Executive what? He’s just a kid!
“Okay, Patrick. It’s time for you to start your science lesson.” “Okay, Mom,” he replied. Ten minutes later, I check in on him at the computer, and he hasn’t even started it yet. Sound familiar?
Let’s be honest, we all procrastinate sometimes. Our kids do, too. But sometimes the issue is more than mere procrastination. Some people have trouble with executive functioning skills that they need to be able to start or complete a task.
What are executive function skills and why should I care?
Executive function skills are a group of skills that we all need to be able to manage ourselves, our time, and our tasks. They are needed for basic tasks like showering and getting ready in the morning and complex skills like writing an essay. A breakdown in any of these skills makes the completion of tasks more difficult.
Executive function skills are problematic for many children including those with ADHD, anxiety disorders, autism, and learning disabilities. Often, they are broken down into three areas: working memory, cognitive flexibility (aka flexible thinking), and inhibitory control (aka self-control).
Working Memory is similar to short-term memory. It includes being able to think about something and use it to accomplish a task much like we ask children questions about something they just read. But it also includes pulling information previously learned so that it can be used again when needed.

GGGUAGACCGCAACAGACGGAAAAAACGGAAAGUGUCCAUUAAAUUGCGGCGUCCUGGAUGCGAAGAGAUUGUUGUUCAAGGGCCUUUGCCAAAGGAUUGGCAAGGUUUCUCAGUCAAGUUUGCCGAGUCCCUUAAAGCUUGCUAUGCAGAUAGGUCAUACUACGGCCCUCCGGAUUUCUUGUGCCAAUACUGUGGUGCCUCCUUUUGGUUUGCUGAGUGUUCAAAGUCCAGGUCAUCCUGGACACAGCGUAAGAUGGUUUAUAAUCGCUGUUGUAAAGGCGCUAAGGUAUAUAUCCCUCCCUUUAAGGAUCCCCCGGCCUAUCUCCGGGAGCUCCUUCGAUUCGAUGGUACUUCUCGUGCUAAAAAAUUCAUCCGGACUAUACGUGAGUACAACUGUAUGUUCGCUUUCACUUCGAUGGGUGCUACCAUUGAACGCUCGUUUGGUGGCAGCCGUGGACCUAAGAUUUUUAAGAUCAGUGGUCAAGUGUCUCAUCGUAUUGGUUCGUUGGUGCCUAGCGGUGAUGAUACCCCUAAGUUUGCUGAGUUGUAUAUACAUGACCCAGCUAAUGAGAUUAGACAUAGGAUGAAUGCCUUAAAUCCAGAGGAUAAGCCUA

Cognitive flexibility includes the ability to think outside-of-the-box, but it’s also much more than that. It includes our ability to creatively problem-solve as well as being able to adapt when things don’t go as planned.
Inhibitory control is the ability to resist temptation. This includes your child being overly distractible or unable to refrain from doing something they know they shouldn’t be doing right now. Inhibitory control helps us all manage our emotions and actions and keeps us from going down the wrong rabbit holes.
What’s “normal” and what’s not?
So how do you know if your child is a typical procrastinator or may be experiences difficulties in executive functioning? Understood.comoffers a comprehensive list of signs to look for in children of all ages. The key factor to consider is whether or not your child’s ability to do what needs to be done is so impaired that it becomes a problem for them or you.
How can I help?
If you suspect your child may have problems with executive functioning, there are countless books and websites available for you to learn more. In fact, there are so many that it’s easy to get lost. This is when it’s vital that you individualize for your child. Look at your child’s strengths and weaknesses. Where does he need help? Where is he strong? Look for strategies that build on his strengths to help him cope with the weaknesses.
Bottom line: If your child’s ability to start and complete tasks doesn’t seem age appropriate, consider executive function as a possible reason. Next week, we’ll spend more time looking at specific types of supports you can teach your child to help develop his executive functioning skills.